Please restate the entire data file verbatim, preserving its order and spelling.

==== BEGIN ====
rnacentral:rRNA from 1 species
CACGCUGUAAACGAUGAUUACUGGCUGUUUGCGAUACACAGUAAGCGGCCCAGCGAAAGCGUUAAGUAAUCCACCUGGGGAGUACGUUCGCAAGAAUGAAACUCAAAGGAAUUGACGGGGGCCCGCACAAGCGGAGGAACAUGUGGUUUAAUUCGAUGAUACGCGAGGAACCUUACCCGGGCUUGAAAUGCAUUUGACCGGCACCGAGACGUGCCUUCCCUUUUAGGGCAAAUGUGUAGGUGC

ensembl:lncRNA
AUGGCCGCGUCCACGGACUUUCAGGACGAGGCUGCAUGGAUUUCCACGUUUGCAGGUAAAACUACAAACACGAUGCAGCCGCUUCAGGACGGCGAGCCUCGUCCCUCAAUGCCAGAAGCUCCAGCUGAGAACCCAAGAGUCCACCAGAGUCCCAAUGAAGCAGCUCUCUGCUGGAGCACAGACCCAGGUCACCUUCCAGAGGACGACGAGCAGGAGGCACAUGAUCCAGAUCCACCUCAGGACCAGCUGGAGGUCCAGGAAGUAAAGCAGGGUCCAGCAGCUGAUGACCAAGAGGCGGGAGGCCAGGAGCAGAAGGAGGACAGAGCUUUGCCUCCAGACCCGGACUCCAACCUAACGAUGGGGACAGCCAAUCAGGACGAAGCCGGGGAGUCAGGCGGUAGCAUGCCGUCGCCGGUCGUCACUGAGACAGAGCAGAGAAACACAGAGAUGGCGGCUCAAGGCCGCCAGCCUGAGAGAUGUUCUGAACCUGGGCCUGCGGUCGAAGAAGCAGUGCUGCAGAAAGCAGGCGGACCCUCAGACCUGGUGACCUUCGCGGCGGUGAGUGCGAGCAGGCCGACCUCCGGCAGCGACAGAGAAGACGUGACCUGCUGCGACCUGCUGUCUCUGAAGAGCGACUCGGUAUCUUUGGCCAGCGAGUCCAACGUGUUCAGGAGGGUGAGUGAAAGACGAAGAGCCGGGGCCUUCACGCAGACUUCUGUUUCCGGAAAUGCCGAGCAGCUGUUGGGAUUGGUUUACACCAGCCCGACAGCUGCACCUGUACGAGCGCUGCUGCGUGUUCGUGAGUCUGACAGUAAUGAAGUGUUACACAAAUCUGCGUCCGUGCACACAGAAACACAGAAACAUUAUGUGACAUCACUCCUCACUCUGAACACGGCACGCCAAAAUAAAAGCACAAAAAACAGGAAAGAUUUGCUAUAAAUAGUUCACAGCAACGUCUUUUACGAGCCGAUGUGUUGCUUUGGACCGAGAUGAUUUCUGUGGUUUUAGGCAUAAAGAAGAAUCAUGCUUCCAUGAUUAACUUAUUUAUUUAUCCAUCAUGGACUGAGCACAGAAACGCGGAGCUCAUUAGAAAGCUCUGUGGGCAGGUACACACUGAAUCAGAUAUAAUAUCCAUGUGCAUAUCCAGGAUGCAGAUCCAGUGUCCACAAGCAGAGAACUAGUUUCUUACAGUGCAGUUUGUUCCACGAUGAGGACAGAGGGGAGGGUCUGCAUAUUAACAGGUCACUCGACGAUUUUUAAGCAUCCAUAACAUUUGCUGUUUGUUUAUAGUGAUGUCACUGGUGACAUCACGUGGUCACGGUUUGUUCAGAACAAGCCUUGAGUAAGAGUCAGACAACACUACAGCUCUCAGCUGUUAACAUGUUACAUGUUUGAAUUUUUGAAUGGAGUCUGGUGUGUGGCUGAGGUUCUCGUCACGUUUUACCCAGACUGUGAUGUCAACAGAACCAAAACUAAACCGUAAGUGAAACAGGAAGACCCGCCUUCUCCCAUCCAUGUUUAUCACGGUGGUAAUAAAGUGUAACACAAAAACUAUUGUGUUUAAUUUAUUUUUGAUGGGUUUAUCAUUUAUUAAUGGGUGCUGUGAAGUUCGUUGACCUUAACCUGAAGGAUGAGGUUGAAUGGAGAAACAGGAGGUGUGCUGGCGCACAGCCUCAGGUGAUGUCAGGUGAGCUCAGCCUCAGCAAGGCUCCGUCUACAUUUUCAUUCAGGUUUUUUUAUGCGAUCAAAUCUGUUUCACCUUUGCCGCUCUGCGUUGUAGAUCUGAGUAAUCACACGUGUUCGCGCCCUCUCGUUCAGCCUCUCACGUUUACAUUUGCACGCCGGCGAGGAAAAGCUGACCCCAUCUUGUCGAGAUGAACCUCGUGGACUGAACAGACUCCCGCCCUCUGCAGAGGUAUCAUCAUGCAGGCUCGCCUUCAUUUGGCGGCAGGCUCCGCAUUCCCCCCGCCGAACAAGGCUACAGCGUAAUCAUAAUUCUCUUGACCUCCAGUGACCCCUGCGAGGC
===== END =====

rnacentral:rRNA from 1 species
CACGCUGUAAACGAUGAUUACUGGCUGUUUGCGAUACACAGUAAGCGGCCCAGCGAAAGCGUUAAGUAAUCCACCUGGGGAGUACGUUCGCAAGAAUGAAACUCAAAGGAAUUGACGGGGGCCCGCACAAGCGGAGGAACAUGUGGUUUAAUUCGAUGAUACGCGAGGAACCUUACCCGGGCUUGAAAUGCAUUUGACCGGCACCGAGACGUGCCUUCCCUUUUAGGGCAAAUGUGUAGGUGC

ensembl:lncRNA
AUGGCCGCGUCCACGGACUUUCAGGACGAGGCUGCAUGGAUUUCCACGUUUGCAGGUAAAACUACAAACACGAUGCAGCCGCUUCAGGACGGCGAGCCUCGUCCCUCAAUGCCAGAAGCUCCAGCUGAGAACCCAAGAGUCCACCAGAGUCCCAAUGAAGCAGCUCUCUGCUGGAGCACAGACCCAGGUCACCUUCCAGAGGACGACGAGCAGGAGGCACAUGAUCCAGAUCCACCUCAGGACCAGCUGGAGGUCCAGGAAGUAAAGCAGGGUCCAGCAGCUGAUGACCAAGAGGCGGGAGGCCAGGAGCAGAAGGAGGACAGAGCUUUGCCUCCAGACCCGGACUCCAACCUAACGAUGGGGACAGCCAAUCAGGACGAAGCCGGGGAGUCAGGCGGUAGCAUGCCGUCGCCGGUCGUCACUGAGACAGAGCAGAGAAACACAGAGAUGGCGGCUCAAGGCCGCCAGCCUGAGAGAUGUUCUGAACCUGGGCCUGCGGUCGAAGAAGCAGUGCUGCAGAAAGCAGGCGGACCCUCAGACCUGGUGACCUUCGCGGCGGUGAGUGCGAGCAGGCCGACCUCCGGCAGCGACAGAGAAGACGUGACCUGCUGCGACCUGCUGUCUCUGAAGAGCGACUCGGUAUCUUUGGCCAGCGAGUCCAACGUGUUCAGGAGGGUGAGUGAAAGACGAAGAGCCGGGGCCUUCACGCAGACUUCUGUUUCCGGAAAUGCCGAGCAGCUGUUGGGAUUGGUUUACACCAGCCCGACAGCUGCACCUGUACGAGCGCUGCUGCGUGUUCGUGAGUCUGACAGUAAUGAAGUGUUACACAAAUCUGCGUCCGUGCACACAGAAACACAGAAACAUUAUGUGACAUCACUCCUCACUCUGAACACGGCACGCCAAAAUAAAAGCACAAAAAACAGGAAAGAUUUGCUAUAAAUAGUUCACAGCAACGUCUUUUACGAGCCGAUGUGUUGCUUUGGACCGAGAUGAUUUCUGUGGUUUUAGGCAUAAAGAAGAAUCAUGCUUCCAUGAUUAACUUAUUUAUUUAUCCAUCAUGGACUGAGCACAGAAACGCGGAGCUCAUUAGAAAGCUCUGUGGGCAGGUACACACUGAAUCAGAUAUAAUAUCCAUGUGCAUAUCCAGGAUGCAGAUCCAGUGUCCACAAGCAGAGAACUAGUUUCUUACAGUGCAGUUUGUUCCACGAUGAGGACAGAGGGGAGGGUCUGCAUAUUAACAGGUCACUCGACGAUUUUUAAGCAUCCAUAACAUUUGCUGUUUGUUUAUAGUGAUGUCACUGGUGACAUCACGUGGUCACGGUUUGUUCAGAACAAGCCUUGAGUAAGAGUCAGACAACACUACAGCUCUCAGCUGUUAACAUGUUACAUGUUUGAAUUUUUGAAUGGAGUCUGGUGUGUGGCUGAGGUUCUCGUCACGUUUUACCCAGACUGUGAUGUCAACAGAACCAAAACUAAACCGUAAGUGAAACAGGAAGACCCGCCUUCUCCCAUCCAUGUUUAUCACGGUGGUAAUAAAGUGUAACACAAAAACUAUUGUGUUUAAUUUAUUUUUGAUGGGUUUAUCAUUUAUUAAUGGGUGCUGUGAAGUUCGUUGACCUUAACCUGAAGGAUGAGGUUGAAUGGAGAAACAGGAGGUGUGCUGGCGCACAGCCUCAGGUGAUGUCAGGUGAGCUCAGCCUCAGCAAGGCUCCGUCUACAUUUUCAUUCAGGUUUUUUUAUGCGAUCAAAUCUGUUUCACCUUUGCCGCUCUGCGUUGUAGAUCUGAGUAAUCACACGUGUUCGCGCCCUCUCGUUCAGCCUCUCACGUUUACAUUUGCACGCCGGCGAGGAAAAGCUGACCCCAUCUUGUCGAGAUGAACCUCGUGGACUGAACAGACUCCCGCCCUCUGCAGAGGUAUCAUCAUGCAGGCUCGCCUUCAUUUGGCGGCAGGCUCCGCAUUCCCCCCGCCGAACAAGGCUACAGCGUAAUCAUAAUUCUCUUGACCUCCAGUGACCCCUGCGAGGC